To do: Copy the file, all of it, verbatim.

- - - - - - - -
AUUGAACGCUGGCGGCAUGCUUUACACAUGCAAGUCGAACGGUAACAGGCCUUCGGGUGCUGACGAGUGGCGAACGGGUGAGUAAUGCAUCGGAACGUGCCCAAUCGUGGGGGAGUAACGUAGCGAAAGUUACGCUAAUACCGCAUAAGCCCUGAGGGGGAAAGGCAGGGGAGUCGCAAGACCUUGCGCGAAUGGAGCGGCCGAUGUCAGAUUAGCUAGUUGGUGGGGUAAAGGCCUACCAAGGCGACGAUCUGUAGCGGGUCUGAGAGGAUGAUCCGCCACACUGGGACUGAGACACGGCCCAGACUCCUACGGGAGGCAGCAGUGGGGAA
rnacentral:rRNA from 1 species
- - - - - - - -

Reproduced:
AUUGAACGCUGGCGGCAUGCUUUACACAUGCAAGUCGAACGGUAACAGGCCUUCGGGUGCUGACGAGUGGCGAACGGGUGAGUAAUGCAUCGGAACGUGCCCAAUCGUGGGGGAGUAACGUAGCGAAAGUUACGCUAAUACCGCAUAAGCCCUGAGGGGGAAAGGCAGGGGAGUCGCAAGACCUUGCGCGAAUGGAGCGGCCGAUGUCAGAUUAGCUAGUUGGUGGGGUAAAGGCCUACCAAGGCGACGAUCUGUAGCGGGUCUGAGAGGAUGAUCCGCCACACUGGGACUGAGACACGGCCCAGACUCCUACGGGAGGCAGCAGUGGGGAA
rnacentral:rRNA from 1 species